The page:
Perhaps the best-known choreographer on the bill is Duncan (1877-1927), referred to as the “Mother of Modern Dance.” She is famous for shedding her shoes and corset in order to create a technique based on more natural motion. Brooker, currently an assistant professor of dance at Middle Tennessee State University, will be joined on the stage for the trio of Duncan works by fellow Duncan-fluent dancers from Washington, D.C. and Chicago. There are no specific costumes or set designs to go along with Bacchanal, Furies and Chopin Suite, so Brooker designed and constructed the costumes herself, based upon Duncan’s general aesthetic.

Katherine Duke in her solo Palace of the Wind.
Katherine Duke in her solo Palace of the Wind.

“Duncan used the tunic in her costuming,” explained Ishii. “She was influenced by the dress reform movement at the turn of the 20th century to adopt the free-flowing, Grecian-inspired costumes. The reform also inspired her to lose the corset, allowing her to develop gesture in relationship to breath.”

The costumes and lighting design for the Fuller works, however, are re-creations based on thorough research. Because Fuller was particularly known in her era for her innovative theatrical lighting and costuming (she lived from 1862-1928), Lindberg and Slayter (professors of dance at Austin Community College and Western Michigan University, respectively) wanted to put forward the most authentic experience possible; their reconstruction work has garnered them grants from organizations such as the National Endowment for the Arts.

The restaging of Hawkins’ Plains Daybreak uses the original sets, headpieces and costumes from the Hawkins archive. Texas State faculty, students and alumni will be joined onstage by members of the New York-based Erick Hawkins Dance Company, directed by Duke, to bring the work to life. The music will be a live performance of the original Alan Hovhaness score, performed by Texas State student musicians.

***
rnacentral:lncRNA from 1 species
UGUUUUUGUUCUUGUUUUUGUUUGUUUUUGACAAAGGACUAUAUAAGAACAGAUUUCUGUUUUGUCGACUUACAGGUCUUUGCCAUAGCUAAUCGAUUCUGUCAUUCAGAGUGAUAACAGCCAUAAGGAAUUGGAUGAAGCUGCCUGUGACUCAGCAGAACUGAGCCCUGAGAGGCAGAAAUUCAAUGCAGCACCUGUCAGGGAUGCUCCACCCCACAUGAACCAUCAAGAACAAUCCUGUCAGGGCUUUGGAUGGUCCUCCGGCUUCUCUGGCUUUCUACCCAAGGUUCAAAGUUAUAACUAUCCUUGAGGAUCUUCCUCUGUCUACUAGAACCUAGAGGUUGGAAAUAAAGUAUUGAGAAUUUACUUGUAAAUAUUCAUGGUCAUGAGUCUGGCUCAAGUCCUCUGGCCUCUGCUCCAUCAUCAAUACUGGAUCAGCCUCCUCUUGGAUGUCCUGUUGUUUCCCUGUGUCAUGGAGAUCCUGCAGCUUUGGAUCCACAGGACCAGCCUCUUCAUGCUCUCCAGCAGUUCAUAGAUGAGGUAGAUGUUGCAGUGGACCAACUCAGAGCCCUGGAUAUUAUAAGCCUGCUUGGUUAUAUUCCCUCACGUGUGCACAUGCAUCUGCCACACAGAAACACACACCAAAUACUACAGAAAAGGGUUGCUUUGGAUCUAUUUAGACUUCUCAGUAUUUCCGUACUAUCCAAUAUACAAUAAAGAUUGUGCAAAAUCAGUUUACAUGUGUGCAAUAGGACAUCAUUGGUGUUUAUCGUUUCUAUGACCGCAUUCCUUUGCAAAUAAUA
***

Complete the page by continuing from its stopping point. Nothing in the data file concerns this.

Jessica Lindberg Coxe in Loïe Fuller's Lily of the Nile.
Jessica Lindberg Coxe in Loïe Fuller’s Lily of the Nile.

Among these classics will be two new works: Brooker’s Birches and Ishii’s Curve of the Earth. Ishii’s piece, a quintet, makes use of her dancers’ firm foundation in Hawkins’ thoroughly 20th century technique (he lived from 1909-1994).

Said Ishii, “My company members all come from a Hawkins background, sharing a common movement vocabulary and quality that conveys clarity and unity on stage. I would describe the movement quality as fluid, effortless, free flowing. The inspiration for the piece came from a lighting effect in the credits for a TV series. I wanted to experiment with a continuous flow of movement with lighting that comes in and out and shifts focus and direction, so that the choreography never stops but the audience only sees moments and flickers of the dance as the light passes by and selectively illuminates it.”

Illumination is perhaps a central objective of Dancestry — looking back to move forward, noting modern dance’s ancestry to illuminate its future.